Deutsche Börse has put a package of merger proposals to its smaller rival Euronext, aiming to ease shareholder concerns that a merged entity could be dominated by the Frankfurt group.
Under the plans, the Paris-based group would appoint half the supervisory board members of the new company. They would also avert a political showdown with Brussels by spinning off the Deutsche Börse’s clearing business for cash equities.
Such a spin-off, long demanded by the largest customers of Europe’s stock exchanges, would pave the way for a single, pan-European operation.
The package of proposals is understood to have been discussed at a meeting in Paris earlier this week. It will also be raised at the board meetings of the two groups and at Euronext’s annual meeting on May 23.
The package is also understood to deal with one of the thorniest issues: price. It suggests the two groups’ shares should be swapped for those in the new entity at a price reflecting the average daily price of each company over a three or six month period. A cash alternative could also be made available.
Euronext – which combines the Paris, Amsterdam, Brussels and Lisbon exchanges – declined to comment on the proposals, saying it was exploring several consolidation proposals. “We are in talks with Deutsche Börse but we are continuing to explore all our options for the benefit of our shareholders,” a spokesman said.
A significant block of Euronext shareholders – believed to control 30 to 35 per cent of votes – are held by those who also hold Deutsche Börse shares. They are pressing for a merger between the two companies.
The overlap in both companies’ businesses, with similar products traded in different countries, offers opportunities for cost and revenue synergies that cannot be achieved through a merger with any other exchange, the shareholders argue. The proposal that Deutsche Börse in effect gives away its cash equities clearing business is among the most significant it has made so far.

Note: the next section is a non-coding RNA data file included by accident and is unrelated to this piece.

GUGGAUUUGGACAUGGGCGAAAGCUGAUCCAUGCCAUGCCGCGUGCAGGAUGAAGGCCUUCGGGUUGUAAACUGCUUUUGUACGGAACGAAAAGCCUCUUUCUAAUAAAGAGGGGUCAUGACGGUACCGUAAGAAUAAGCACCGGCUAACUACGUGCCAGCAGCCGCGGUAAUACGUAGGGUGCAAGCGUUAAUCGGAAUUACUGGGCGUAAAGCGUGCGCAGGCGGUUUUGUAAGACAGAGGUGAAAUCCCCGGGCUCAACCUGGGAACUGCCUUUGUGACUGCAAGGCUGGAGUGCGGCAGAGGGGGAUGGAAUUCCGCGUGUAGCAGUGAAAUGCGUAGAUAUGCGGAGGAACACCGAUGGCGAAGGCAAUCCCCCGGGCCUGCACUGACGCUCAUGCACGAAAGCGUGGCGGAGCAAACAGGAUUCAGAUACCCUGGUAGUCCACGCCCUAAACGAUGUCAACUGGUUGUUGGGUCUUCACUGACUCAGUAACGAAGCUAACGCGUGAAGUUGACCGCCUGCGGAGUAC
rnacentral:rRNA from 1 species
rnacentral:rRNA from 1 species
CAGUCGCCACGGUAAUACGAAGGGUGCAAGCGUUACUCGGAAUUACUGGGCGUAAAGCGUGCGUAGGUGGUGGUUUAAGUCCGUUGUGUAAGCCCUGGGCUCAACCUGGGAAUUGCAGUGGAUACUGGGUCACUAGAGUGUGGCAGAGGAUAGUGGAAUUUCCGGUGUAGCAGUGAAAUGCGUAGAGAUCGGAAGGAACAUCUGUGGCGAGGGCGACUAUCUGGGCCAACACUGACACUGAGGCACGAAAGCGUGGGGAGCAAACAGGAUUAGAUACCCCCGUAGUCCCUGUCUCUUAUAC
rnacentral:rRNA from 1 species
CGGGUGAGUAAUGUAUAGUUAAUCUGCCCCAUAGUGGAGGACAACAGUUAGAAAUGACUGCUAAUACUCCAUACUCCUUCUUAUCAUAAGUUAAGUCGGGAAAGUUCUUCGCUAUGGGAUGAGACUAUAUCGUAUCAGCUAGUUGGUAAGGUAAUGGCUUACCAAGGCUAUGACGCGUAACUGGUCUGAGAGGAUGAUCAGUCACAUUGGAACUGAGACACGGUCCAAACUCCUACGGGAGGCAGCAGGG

A group of French banks which oppose the merger say they fear that a “vertical silo” of trading platform and trading services, like that now run by Deutsche Börse, could raise trading costs in their own market.
Charlie McCreevy, EU internal markets commissioner, has said that if Deutsche Börse does not voluntarily break up its own internal silos, he will consider a directive on post-trade services such as clearing and settlement.
Several thorny issues have blocked progress on a deal for months. It has also been hindered by heavy-handed negotiating tactics on the part of the Börse, according to several people familiar with the talks.
The new package still leaves some sensitive questions unanswered, but goes much further than any to date and addresses some of the concerns raised by Euronext officials over ceding control to their German counterparts. The proposals call for a re-branding of the post-merger entity, with a new corporate name that avoids nationalistic sympathies.
The merger would create a new, combined derivatives business consisting of Euronext’s Liffe and Deutsche Börse’s Eurex trading and clearing businesses to be based in Frankfurt. It would also create a combined cash equities market to be based in Paris. Shares would be dual-listed in Paris and Frankfurt.
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